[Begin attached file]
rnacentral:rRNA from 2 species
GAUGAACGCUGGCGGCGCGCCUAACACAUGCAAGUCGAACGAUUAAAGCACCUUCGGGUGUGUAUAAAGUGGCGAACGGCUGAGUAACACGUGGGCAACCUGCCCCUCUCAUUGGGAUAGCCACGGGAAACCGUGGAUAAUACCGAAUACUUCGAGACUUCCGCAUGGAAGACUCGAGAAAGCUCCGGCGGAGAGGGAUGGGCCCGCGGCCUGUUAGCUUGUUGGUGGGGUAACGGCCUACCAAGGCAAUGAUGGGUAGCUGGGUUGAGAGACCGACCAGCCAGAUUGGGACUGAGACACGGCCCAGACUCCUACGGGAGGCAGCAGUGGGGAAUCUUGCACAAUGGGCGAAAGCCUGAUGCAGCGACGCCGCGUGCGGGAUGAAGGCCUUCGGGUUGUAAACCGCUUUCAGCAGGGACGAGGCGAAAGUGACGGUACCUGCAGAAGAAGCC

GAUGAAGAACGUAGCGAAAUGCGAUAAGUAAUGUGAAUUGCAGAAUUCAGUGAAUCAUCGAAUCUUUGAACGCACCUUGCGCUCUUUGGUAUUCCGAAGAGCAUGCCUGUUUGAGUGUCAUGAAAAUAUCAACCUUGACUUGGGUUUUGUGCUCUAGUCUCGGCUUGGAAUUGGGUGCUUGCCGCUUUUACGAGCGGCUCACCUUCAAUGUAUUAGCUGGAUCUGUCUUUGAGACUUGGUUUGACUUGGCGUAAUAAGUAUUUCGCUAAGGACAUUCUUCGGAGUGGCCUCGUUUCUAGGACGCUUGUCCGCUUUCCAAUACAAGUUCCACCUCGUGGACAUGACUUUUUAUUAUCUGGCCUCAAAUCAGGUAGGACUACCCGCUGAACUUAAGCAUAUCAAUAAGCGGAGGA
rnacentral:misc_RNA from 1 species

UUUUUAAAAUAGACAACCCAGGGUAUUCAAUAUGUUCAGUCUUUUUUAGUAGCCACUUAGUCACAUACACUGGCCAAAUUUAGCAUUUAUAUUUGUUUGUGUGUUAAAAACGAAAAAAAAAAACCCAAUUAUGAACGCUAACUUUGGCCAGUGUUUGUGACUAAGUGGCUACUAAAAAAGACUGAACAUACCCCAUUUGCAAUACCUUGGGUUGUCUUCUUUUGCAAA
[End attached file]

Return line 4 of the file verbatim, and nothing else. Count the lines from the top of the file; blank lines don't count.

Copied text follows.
rnacentral:misc_RNA from 1 species